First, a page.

But when we come to discuss the principle, as I call it, of Divergence of Character, we shall see how this may be explained, and how the lesser differences between varieties tend to increase into the greater differences between species.
There is one other point which is worth notice.
Varieties generally have much restricted ranges: this statement is indeed scarcely more than a truism, for, if a variety were found to have a wider range than that of its supposed parent-species, their denominations would be reversed.
But there is reason to believe that the species which are very closely allied to other species, and in so far resemble varieties, often have much restricted ranges.
For instance, Mr. H. C. Watson has marked for me in the well-sifted London Catalogue of Plants (4th edition) 63 plants which are therein ranked as species, but which he considers as so closely allied to other species as to be of doubtful value: these 63 reputed species range on an average over 6.9 of the provinces into which Mr. Watson has divided Great Britain. Now, in this same Catalogue, 53 acknowledged varieties are recorded, and these range over 7.7 provinces; whereas, the species to which these varieties belong range over 14.3 provinces.
So that the acknowledged varieties have nearly the same
restricted average range, as have the closely allied forms, marked for me by Mr. Watson as doubtful species, but which are almost universally ranked by British botanists as good and true species.
|03 - Struggle for Existence||03-10 - Struggle for Life most severe between Individuals and Varieties of the same Species||20||
How frequently we hear of one species of rat taking the place of another species under the most different climates!
In Russia the small Asiatic cockroach has everywhere driven before it its great congener.
In Australia the imported hive-bee is rapidly exterminating the small, stingless native bee. One species of charlock has been known to supplant another species; and so in other cases.
We can dimly see why the competition should be most severe between allied forms, which fill nearly the same place in the economy of nature; but probably in no one case could we precisely say why one species has been victorious over another in the great battle of life.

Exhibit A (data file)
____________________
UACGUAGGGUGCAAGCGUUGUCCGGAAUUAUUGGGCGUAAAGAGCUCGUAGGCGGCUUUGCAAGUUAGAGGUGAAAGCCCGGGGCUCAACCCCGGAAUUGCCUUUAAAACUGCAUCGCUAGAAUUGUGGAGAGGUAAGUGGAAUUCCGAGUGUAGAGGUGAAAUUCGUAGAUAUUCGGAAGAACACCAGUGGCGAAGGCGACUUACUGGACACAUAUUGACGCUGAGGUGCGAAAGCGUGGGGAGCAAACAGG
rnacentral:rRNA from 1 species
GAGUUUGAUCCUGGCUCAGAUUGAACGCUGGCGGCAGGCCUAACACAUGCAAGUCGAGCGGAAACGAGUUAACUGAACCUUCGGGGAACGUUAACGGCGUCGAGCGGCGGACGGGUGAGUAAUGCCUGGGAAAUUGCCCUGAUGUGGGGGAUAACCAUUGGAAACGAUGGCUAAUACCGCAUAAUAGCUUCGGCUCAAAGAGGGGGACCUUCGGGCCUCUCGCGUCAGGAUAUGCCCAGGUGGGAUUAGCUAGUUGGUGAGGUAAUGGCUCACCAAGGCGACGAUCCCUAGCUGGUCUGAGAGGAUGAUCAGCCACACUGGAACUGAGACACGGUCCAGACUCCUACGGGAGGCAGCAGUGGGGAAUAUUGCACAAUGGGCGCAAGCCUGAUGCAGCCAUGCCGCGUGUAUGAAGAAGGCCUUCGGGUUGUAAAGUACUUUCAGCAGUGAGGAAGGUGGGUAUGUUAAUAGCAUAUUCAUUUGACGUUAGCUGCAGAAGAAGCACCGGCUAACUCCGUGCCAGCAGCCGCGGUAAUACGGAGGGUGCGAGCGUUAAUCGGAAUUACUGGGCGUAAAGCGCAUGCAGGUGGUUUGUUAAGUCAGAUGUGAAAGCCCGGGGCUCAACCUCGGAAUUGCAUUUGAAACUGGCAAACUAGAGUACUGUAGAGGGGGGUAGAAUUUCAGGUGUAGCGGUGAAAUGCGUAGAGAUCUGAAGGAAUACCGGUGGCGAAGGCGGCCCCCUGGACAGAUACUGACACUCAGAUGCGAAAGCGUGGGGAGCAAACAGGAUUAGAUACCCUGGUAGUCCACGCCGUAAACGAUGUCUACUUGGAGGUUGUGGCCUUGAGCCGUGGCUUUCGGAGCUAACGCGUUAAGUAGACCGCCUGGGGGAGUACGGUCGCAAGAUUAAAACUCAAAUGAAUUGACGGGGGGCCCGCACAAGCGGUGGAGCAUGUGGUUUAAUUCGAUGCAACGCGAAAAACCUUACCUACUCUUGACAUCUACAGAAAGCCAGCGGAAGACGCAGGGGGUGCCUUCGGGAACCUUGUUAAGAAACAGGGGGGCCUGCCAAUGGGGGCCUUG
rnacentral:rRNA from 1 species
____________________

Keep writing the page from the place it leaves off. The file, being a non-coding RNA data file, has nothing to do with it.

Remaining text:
|12 - Geographical Distribution -- continued||12-40 - On the relations of the inhabitants of islands to those of the nearest mainland||20||
I have not as yet had time to follow up this subject in all other quarters of the world; but as far as I have gone, the relation generally holds good.
We see Britain separated by a shallow channel from Europe, and the mammals are the same on both sides; we meet with analogous facts on many islands separated by similar channels from Australia.
The West Indian Islands stand on a deeply submerged bank, nearly 1000 fathoms in depth, and here we find American forms, but the species and even the genera are distinct.
As the amount of modification in all cases depends to a certain degree on the lapse of time, and as during changes of level it is obvious that islands separated by shallow channels are more likely to have been continuously united within a recent period to the mainland than islands separated by deeper channels, we can understand the frequent relation between the depth of the sea and the degree of affinity of the mammalian inhabitants of islands with those of a neighbouring continent, an explicable relation on the view of independent acts of creation.